The Veteran’s Committee must have confused Lefty Gomez with Lefty Grove.  But Gomez, despite pitching for the great Yankee teams of the 1930’s, won just 189 games in his career.  He led the league in wins twice, ERA twice, and ERA+ twice.  Basically, he had two great years and a few other good ones. Career WAR:  43.0.  Does not actually belong in The Hall.

Ross Youngs:  One of the most random of all Hall of Fame choices.  Young played just ten seasons in the Majors, from 1917-26 for the Giants.  He was a legitimate hitter, posting a career batting average of .322 and a career OPS+ of 130.  But he compiled just 1,491 hits in his career, and scored only 812 runs. His career just wasn’t long enough nor impressive enough to merit Hall induction.  Poor choice.

1973:  BBWAA – Roberto Clemente, Warren Spahn  V.C.  George Kelly, Mickey Welch

Roberto Clemente:  Warrior on the field, apostle of peace off the field.  Lived and died a hero to millions.  Even the Hall isn’t big enough to encompass his legacy.

Warren Spahn:  Who is the greatest left-handed pitcher in baseball history?  Spahn has a legitimate case.  His 363 career victories are the most since the end of WWII, and the sixth most in history.  He reached 20-wins in a season a ridiculous 13 times, leading the league in wins eight times.  His career WAR: 93.4, is 11th best among pitchers in MLB history, and is second only to Lefty Grove among left-handers.  An obvious choice for The Hall.

George “High Pockets” Kelly is yet another early 20th century Irishmen in The Hall.  The V.C. was also going through a Giants fetish at this time, thus a player with 819 runs scored, an OPS+ of 109, and a career WAR of 24.3 is in The Hall.  But he did have a cool nickname.

Mickey Welch

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Mickey Welch:  My favorite stat for Welch is that he won 44 games in 1885, and did NOT lead the league in that category.  His 574 innings pitched in 1880 (age 20) also did not lead the league.  He won 307 games against 210 losses.  Career ERA+ 114.  Career WAR: 56.5.  Ah, hell. Put him in.  They don’t make ’em like that anymore.

1974:  BBWAA – Whitey Ford, Mickey Mantle  V.C.  Jim Bottomley, Sam Thompson

It’s beautiful symmetry when two long-time teammates go into The Hall together.  Mantle and Ford are not only two of the greatest Yankees of all-time, they are both among the greatest players who ever lived.  Mantle is in the top ten.  Ford is a top 40 pitcher.  Both are certainly qualified for The Hall.

Jim Bottomley was a slugger for the Cardinals in the 1920’s and early ’30’s.  He won the N.L. MVP award in 1928.  He drove in a lot of runs, pounded his fair share of extra base hits, and finished with a career OPS+ of 124.  A crummy defensive player, Bottomley finished with a career WAR of 32.4.  I don’t quite see a HOF caliber player here.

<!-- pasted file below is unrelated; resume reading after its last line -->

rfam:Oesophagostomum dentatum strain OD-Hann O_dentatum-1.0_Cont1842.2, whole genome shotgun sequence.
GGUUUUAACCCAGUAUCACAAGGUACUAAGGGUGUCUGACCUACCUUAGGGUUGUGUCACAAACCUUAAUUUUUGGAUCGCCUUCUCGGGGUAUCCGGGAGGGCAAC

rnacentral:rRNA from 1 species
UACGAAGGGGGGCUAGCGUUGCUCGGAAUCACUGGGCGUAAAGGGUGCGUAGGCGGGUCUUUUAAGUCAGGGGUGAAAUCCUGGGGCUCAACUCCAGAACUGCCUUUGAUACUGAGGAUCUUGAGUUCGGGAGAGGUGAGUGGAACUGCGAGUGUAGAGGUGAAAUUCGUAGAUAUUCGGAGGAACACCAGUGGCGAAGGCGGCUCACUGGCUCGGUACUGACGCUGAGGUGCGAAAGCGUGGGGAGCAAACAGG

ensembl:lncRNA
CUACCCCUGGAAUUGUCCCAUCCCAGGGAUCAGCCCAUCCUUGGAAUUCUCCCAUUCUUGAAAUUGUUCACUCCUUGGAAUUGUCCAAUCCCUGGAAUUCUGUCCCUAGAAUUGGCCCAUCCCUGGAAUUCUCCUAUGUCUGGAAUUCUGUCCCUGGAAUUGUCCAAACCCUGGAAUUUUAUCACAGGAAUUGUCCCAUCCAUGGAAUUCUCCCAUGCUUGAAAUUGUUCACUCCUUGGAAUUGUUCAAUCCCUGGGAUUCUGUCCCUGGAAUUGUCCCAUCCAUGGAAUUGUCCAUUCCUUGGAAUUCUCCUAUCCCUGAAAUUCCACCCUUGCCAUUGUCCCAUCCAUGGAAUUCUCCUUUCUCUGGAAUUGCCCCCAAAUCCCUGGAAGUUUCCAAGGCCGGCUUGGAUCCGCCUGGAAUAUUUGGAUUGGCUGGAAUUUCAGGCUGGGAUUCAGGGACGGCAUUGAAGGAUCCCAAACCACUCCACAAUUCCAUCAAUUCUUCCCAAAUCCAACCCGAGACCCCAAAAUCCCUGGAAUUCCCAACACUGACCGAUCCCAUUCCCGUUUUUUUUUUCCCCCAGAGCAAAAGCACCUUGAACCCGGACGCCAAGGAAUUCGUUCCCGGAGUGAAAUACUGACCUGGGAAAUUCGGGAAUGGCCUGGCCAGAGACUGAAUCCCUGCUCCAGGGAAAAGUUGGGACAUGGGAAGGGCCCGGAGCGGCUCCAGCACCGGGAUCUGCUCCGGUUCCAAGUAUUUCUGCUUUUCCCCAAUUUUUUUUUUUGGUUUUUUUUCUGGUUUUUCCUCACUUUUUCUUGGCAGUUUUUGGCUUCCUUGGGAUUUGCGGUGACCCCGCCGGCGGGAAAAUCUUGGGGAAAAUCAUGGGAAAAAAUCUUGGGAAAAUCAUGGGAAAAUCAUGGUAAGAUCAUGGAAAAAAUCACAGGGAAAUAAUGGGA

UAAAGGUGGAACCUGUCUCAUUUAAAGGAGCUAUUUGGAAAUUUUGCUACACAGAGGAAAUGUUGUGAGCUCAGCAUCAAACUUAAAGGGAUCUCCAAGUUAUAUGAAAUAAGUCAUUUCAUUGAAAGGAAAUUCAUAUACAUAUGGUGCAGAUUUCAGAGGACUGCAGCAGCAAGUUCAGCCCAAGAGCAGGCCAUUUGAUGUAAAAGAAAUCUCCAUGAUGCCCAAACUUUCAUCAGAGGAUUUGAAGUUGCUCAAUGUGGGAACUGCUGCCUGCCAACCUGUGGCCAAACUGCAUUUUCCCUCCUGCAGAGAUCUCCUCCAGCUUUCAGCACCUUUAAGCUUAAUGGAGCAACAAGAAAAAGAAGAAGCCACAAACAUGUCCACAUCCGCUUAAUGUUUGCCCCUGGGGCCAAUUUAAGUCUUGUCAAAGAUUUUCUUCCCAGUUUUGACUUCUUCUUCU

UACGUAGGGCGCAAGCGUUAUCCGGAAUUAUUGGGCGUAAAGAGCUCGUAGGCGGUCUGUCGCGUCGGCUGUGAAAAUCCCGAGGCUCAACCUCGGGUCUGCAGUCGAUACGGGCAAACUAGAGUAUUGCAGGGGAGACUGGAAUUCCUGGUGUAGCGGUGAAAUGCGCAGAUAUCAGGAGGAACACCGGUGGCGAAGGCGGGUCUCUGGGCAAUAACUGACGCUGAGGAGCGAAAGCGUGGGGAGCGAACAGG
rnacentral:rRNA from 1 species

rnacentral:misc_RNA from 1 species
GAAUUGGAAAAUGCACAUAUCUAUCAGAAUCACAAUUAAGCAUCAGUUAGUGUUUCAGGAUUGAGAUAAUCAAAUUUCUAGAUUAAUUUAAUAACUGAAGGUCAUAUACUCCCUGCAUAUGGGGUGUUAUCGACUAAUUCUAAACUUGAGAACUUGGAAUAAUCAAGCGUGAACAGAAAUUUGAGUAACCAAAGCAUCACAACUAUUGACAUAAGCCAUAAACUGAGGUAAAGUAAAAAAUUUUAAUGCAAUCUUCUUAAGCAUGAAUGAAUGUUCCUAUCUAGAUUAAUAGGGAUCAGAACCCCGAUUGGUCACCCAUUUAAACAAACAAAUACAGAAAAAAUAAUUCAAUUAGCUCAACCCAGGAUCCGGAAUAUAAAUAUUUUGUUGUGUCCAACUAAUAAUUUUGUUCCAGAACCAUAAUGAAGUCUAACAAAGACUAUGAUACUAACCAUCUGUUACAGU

Sam Thompson was a 19th century player who led his league in one category or another 21 times.  An OPS+ of 146 is very impressive.  Not a high career WAR, but they played somewhat fewer games per season back then.  He’s a legit HOF’er.

1975:  BBWAA – Ralph Kiner  V.C.  Earl Averill, Billy Herman

I seem to remember Bill James casting aspersions on Kiner’s selection to The Hall.  Kiner played only ten seasons in The Majors with the Pirates in the 1940’s and ’50’s, but led the league in home runs in each of his first seven consecutive seasons.  He also drew a lot of walks, scored a lot of runs, and drove in a lot of runs through age 30.

But after that, his career went downhill fast.  Although his career OPS+ is a very impressive 149, his WAR is just 45.9.  Sort of a cross between Jim Rice and Rocky Colavito.  Sprinkle in just a touch of Dave Kingman.  Bake at 375 degrees on a hot Pittsburgh summer day, and voila, you have yet another borderline HOF’er.  Bon appetit!

For some reason, Earl Averill got a very late start in The Majors, not breaking in until he was already 27-years old.  Played centerfield reasonably well for the Indians in the ’30’s piling up some pretty nice offensive numbers for a decade.  But his late start and rapid descent after age 36 results in a relatively low career WAR of 45.  If Averill’s in, there is no excuse to fuss and fight over Jim Edmonds’ candidacy a few years from now.

A well-respected player, Billy Herman was a ten-time N.L. All-Star selection.  During his 15-year career with the Cubs and Dodgers, he had three 200-hit seasons, topped 2,300 hits, and led his league once each in hits, doubles and triples.  Not much power.  Good fielder.  Career OPS+ 112.  WAR: 55.6.

If we arbitrarily establish that every position player with a career WAR of 55.0 or higher automatically gets into The Hall, then we have 141 position players (Jack Clark representing the last man in.)  But we lose three great catchers:  Bill Dickey, Mickey Cochrane and Buck Ewing.  If we drop the standard down to 50.0, we gain those three, plus we add Ted Simmons and Gabby Hartnett (as well as Cesar Cedeno, Ron Cey and Fred McGriff.)  Not that the Hall of Fame should exactly mirror the Hall of WAR, but the question is, how exclusive do you want The Hall to be?